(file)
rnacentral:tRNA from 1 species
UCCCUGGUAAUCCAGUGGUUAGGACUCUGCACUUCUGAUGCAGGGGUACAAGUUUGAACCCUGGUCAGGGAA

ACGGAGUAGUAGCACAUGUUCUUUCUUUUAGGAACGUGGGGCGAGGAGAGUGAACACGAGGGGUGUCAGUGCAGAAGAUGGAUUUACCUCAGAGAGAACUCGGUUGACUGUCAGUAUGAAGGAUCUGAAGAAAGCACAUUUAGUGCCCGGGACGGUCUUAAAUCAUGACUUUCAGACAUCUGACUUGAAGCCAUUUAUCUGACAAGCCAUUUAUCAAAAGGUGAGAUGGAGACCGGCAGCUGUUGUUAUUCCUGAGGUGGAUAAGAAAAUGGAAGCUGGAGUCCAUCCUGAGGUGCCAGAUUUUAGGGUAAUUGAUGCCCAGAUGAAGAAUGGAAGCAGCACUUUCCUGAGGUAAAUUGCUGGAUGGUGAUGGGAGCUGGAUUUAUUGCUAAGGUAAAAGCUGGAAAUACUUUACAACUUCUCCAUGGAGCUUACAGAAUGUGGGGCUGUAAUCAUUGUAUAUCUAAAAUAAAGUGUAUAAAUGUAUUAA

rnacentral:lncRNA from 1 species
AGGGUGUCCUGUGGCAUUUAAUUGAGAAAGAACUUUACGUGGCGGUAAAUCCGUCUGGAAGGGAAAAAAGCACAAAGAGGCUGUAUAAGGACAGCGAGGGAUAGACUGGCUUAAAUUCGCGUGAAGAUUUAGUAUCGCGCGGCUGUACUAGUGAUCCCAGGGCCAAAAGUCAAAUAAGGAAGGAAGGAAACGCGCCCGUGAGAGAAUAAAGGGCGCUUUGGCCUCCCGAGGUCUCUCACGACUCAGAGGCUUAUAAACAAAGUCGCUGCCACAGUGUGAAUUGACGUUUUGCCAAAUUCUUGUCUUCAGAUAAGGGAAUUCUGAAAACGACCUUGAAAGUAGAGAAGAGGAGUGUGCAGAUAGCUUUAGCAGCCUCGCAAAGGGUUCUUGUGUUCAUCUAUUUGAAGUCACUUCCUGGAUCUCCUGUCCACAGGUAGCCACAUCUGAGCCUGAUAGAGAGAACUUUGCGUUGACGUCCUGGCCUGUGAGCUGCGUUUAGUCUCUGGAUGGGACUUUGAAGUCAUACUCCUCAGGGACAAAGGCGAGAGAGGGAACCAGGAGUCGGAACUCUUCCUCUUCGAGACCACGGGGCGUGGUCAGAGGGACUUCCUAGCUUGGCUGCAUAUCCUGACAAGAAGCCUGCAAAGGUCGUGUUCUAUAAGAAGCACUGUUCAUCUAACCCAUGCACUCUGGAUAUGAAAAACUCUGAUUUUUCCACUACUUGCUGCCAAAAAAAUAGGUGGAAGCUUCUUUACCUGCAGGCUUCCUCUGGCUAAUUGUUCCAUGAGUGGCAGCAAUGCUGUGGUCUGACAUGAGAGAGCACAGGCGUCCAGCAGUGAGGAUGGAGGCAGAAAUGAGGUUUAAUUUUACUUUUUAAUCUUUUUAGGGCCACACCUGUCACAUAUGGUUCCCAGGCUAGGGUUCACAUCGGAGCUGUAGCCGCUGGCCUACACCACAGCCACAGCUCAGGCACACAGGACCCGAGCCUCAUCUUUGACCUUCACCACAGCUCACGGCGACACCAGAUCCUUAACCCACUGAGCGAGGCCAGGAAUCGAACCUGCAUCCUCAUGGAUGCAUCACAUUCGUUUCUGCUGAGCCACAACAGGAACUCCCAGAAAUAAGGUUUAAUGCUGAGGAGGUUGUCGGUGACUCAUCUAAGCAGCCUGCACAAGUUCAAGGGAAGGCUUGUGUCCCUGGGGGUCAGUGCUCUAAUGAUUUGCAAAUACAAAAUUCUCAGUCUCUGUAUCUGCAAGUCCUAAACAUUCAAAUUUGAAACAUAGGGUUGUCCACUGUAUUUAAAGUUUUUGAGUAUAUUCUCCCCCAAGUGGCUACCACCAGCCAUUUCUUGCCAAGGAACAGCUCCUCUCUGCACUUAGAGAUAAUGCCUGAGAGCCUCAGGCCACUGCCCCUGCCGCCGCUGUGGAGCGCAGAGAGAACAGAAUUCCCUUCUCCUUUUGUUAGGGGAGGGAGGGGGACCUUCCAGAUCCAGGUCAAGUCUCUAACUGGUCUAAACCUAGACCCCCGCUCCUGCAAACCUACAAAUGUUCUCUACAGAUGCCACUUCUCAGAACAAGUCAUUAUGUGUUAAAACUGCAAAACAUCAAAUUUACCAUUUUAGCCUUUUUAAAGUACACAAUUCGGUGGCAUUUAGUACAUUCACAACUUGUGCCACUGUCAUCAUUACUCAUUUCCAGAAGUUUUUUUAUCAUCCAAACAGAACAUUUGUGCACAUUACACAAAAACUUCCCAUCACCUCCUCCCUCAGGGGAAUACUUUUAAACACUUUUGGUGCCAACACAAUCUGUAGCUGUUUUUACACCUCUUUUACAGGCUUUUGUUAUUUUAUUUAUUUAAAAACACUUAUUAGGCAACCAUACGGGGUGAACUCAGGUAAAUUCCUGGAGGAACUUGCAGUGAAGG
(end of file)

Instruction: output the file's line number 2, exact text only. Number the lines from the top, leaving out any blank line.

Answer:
UCCCUGGUAAUCCAGUGGUUAGGACUCUGCACUUCUGAUGCAGGGGUACAAGUUUGAACCCUGGUCAGGGAA